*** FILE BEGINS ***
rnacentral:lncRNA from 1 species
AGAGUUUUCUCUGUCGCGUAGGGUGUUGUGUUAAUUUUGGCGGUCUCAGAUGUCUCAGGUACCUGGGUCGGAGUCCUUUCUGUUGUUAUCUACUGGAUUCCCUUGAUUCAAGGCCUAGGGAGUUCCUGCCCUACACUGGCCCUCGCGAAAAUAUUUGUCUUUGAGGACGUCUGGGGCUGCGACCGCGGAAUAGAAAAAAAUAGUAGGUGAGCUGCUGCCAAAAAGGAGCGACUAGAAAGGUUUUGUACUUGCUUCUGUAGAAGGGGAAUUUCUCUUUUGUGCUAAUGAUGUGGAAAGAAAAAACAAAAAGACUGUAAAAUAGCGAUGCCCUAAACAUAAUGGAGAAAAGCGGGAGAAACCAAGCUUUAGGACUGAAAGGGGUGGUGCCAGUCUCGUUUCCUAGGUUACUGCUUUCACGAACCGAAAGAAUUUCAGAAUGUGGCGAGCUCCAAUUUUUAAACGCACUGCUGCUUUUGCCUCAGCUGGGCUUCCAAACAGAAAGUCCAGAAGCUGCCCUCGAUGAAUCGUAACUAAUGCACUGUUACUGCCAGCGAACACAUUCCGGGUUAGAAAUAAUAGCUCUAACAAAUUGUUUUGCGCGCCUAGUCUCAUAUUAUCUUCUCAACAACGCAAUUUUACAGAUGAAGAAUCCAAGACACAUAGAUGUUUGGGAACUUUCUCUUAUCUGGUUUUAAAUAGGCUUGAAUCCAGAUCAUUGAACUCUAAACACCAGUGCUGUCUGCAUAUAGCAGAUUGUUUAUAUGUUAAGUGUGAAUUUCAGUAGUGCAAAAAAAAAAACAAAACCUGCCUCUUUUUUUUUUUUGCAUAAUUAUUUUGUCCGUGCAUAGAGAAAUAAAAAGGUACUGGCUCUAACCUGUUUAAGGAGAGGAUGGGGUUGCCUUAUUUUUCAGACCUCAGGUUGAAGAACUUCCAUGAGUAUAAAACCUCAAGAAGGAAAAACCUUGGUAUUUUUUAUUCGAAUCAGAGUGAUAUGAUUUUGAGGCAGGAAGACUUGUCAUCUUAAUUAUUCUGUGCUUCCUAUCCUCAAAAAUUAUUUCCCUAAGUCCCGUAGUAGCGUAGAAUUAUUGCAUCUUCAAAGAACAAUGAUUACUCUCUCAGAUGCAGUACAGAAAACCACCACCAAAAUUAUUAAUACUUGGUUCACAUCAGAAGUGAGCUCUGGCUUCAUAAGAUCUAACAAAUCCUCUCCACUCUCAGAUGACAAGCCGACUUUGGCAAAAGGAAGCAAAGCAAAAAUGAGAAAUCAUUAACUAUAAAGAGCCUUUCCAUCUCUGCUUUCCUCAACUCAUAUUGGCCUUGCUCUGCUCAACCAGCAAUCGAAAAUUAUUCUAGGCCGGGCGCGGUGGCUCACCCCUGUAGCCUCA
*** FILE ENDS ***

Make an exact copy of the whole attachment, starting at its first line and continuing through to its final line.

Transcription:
rnacentral:lncRNA from 1 species
AGAGUUUUCUCUGUCGCGUAGGGUGUUGUGUUAAUUUUGGCGGUCUCAGAUGUCUCAGGUACCUGGGUCGGAGUCCUUUCUGUUGUUAUCUACUGGAUUCCCUUGAUUCAAGGCCUAGGGAGUUCCUGCCCUACACUGGCCCUCGCGAAAAUAUUUGUCUUUGAGGACGUCUGGGGCUGCGACCGCGGAAUAGAAAAAAAUAGUAGGUGAGCUGCUGCCAAAAAGGAGCGACUAGAAAGGUUUUGUACUUGCUUCUGUAGAAGGGGAAUUUCUCUUUUGUGCUAAUGAUGUGGAAAGAAAAAACAAAAAGACUGUAAAAUAGCGAUGCCCUAAACAUAAUGGAGAAAAGCGGGAGAAACCAAGCUUUAGGACUGAAAGGGGUGGUGCCAGUCUCGUUUCCUAGGUUACUGCUUUCACGAACCGAAAGAAUUUCAGAAUGUGGCGAGCUCCAAUUUUUAAACGCACUGCUGCUUUUGCCUCAGCUGGGCUUCCAAACAGAAAGUCCAGAAGCUGCCCUCGAUGAAUCGUAACUAAUGCACUGUUACUGCCAGCGAACACAUUCCGGGUUAGAAAUAAUAGCUCUAACAAAUUGUUUUGCGCGCCUAGUCUCAUAUUAUCUUCUCAACAACGCAAUUUUACAGAUGAAGAAUCCAAGACACAUAGAUGUUUGGGAACUUUCUCUUAUCUGGUUUUAAAUAGGCUUGAAUCCAGAUCAUUGAACUCUAAACACCAGUGCUGUCUGCAUAUAGCAGAUUGUUUAUAUGUUAAGUGUGAAUUUCAGUAGUGCAAAAAAAAAAACAAAACCUGCCUCUUUUUUUUUUUUGCAUAAUUAUUUUGUCCGUGCAUAGAGAAAUAAAAAGGUACUGGCUCUAACCUGUUUAAGGAGAGGAUGGGGUUGCCUUAUUUUUCAGACCUCAGGUUGAAGAACUUCCAUGAGUAUAAAACCUCAAGAAGGAAAAACCUUGGUAUUUUUUAUUCGAAUCAGAGUGAUAUGAUUUUGAGGCAGGAAGACUUGUCAUCUUAAUUAUUCUGUGCUUCCUAUCCUCAAAAAUUAUUUCCCUAAGUCCCGUAGUAGCGUAGAAUUAUUGCAUCUUCAAAGAACAAUGAUUACUCUCUCAGAUGCAGUACAGAAAACCACCACCAAAAUUAUUAAUACUUGGUUCACAUCAGAAGUGAGCUCUGGCUUCAUAAGAUCUAACAAAUCCUCUCCACUCUCAGAUGACAAGCCGACUUUGGCAAAAGGAAGCAAAGCAAAAAUGAGAAAUCAUUAACUAUAAAGAGCCUUUCCAUCUCUGCUUUCCUCAACUCAUAUUGGCCUUGCUCUGCUCAACCAGCAAUCGAAAAUUAUUCUAGGCCGGGCGCGGUGGCUCACCCCUGUAGCCUCA